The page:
Friday, 28 January 2022

Essentials of a Valid Muslim Marriage - Manav Puri@LexCliq

Essentials of a Valid Muslim Marriage – Manav Puri@LexCliq


Introduction;

In the landmark case of Abdul Kadir v. Salima and A. Mahmood, it was observed that the nature of Muslim marriage is purely understood as a civil contract rather than a sacrament. Based on these observations, we can conclude that the aim of Muslim marriage is to legalize sexual relations and procreation of children between a male and female. The essentials of Muslim marriage are very much similar to that of a Civil Contract, and thus, these are the following essentials of a valid Muslim marriage;


Essentials conditions of a valid Muslim marriage;

  1. Proposal and Acceptance – In a Muslim Marriage, proposal is known as ‘ijab’ and acceptance of the proposal is known as ‘qabul’. A proposal should be made by one party, and it will be concluded when it is accepted by the other party. For a valid marriage, proposal and acceptance should be done in the presence of witnesses who is called as a Vakil, moreover, the proposal and acceptance for the same should be done in one meeting itself. If a proposal is done in one meeting and the acceptance of it is done in another, then it will not be considered as valid. Apart from this, the presence witnesses are essential for a valid marriage, as under Sunni law, there should be 2 female and 1 or 2 male adult and sound mind Muslim witnesses. Where under Shia law, the presence of witnesses is, not necessary, at the time of marriage.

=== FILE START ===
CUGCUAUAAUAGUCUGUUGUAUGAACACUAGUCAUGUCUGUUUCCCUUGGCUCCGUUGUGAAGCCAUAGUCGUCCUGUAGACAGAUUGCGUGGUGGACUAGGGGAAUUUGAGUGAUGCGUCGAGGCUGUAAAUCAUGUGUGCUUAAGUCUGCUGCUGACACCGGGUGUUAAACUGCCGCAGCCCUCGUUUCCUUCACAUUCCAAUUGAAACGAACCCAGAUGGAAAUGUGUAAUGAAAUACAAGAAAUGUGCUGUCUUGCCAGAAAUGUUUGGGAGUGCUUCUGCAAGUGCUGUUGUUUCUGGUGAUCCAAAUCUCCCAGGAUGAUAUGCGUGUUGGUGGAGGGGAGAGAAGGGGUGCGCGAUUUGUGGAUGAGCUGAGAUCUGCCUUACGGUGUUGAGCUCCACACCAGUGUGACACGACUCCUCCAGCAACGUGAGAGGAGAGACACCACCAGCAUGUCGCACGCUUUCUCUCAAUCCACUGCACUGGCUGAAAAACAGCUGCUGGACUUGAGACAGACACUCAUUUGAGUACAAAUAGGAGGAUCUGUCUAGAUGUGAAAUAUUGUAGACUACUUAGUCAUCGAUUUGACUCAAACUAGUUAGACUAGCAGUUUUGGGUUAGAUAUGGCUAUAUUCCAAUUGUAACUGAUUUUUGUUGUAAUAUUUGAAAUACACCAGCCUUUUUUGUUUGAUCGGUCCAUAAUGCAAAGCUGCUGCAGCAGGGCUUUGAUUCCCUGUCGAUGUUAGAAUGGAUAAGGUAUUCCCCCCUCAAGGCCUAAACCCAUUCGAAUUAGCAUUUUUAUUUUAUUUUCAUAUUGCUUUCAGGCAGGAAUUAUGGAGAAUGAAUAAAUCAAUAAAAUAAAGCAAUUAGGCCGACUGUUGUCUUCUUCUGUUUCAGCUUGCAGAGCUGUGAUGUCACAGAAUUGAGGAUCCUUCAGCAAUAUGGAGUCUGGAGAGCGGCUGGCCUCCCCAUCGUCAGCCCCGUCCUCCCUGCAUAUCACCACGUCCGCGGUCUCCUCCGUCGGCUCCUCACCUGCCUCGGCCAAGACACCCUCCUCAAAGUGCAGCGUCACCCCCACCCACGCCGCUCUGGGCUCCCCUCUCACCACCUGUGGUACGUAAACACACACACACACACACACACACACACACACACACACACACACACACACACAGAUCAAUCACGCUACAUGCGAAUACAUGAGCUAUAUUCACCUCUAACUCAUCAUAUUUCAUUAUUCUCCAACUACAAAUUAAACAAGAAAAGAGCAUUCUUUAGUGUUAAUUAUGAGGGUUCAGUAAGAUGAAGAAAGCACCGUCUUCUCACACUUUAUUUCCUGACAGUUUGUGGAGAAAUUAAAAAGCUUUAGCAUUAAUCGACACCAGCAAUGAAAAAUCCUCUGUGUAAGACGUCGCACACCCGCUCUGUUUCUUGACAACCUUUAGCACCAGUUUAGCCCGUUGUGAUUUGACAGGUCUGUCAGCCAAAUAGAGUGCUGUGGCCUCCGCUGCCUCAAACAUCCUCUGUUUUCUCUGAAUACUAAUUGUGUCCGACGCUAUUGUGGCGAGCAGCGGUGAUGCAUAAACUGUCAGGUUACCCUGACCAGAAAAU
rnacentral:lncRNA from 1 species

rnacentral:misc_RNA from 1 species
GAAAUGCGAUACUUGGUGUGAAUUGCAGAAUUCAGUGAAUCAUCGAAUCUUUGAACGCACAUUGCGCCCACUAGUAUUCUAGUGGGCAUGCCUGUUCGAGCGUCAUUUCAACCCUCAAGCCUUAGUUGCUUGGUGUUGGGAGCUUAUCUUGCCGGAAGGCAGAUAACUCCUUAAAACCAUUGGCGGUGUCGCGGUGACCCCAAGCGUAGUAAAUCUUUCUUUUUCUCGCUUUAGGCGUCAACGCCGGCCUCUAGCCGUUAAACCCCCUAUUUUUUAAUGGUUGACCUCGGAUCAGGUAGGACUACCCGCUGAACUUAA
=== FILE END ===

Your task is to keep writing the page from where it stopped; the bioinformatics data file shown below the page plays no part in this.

1. Competency of Parties;

  1. Majority – The privy council had commented on the age of puberty for Muslim marriages, where the girls should be at least 15 years of age, until she reaches her age of puberty, the consent/will of the guardian is needed to carry forward with the marriage, and once she has attained her age of puberty, she has choice of either continuing or cancelling the marriage and this option at puberty is called Khyar-Ul-Bulugh. The persons recognized as guardian under Muslim law are: (a) Father, (b) Paternal Grandfather, (c) Brother or any other male member of father’s family, (d) Mother, (e) Members of Maternal Relation. And if any of these guardians are not present then, the right to carry forward the contract of marriage will be passed on to a Qazi or any other government authority/official. Once the parties have attained their age of puberty, they can freely marry anyone of their choice, and then the consent or interference of their guardian is not needed.


  1. Sound mind – At the time of marriage, both the parties need to be of sound mind/sane. As the person of unsound mind has no capability to enter into a contract, as he will not be able to make a rational judgement of the situation and so, in the eyes of law the consent of the person of unsound mind will be not be considered as valid consent. Unsoundness is categorized into two types;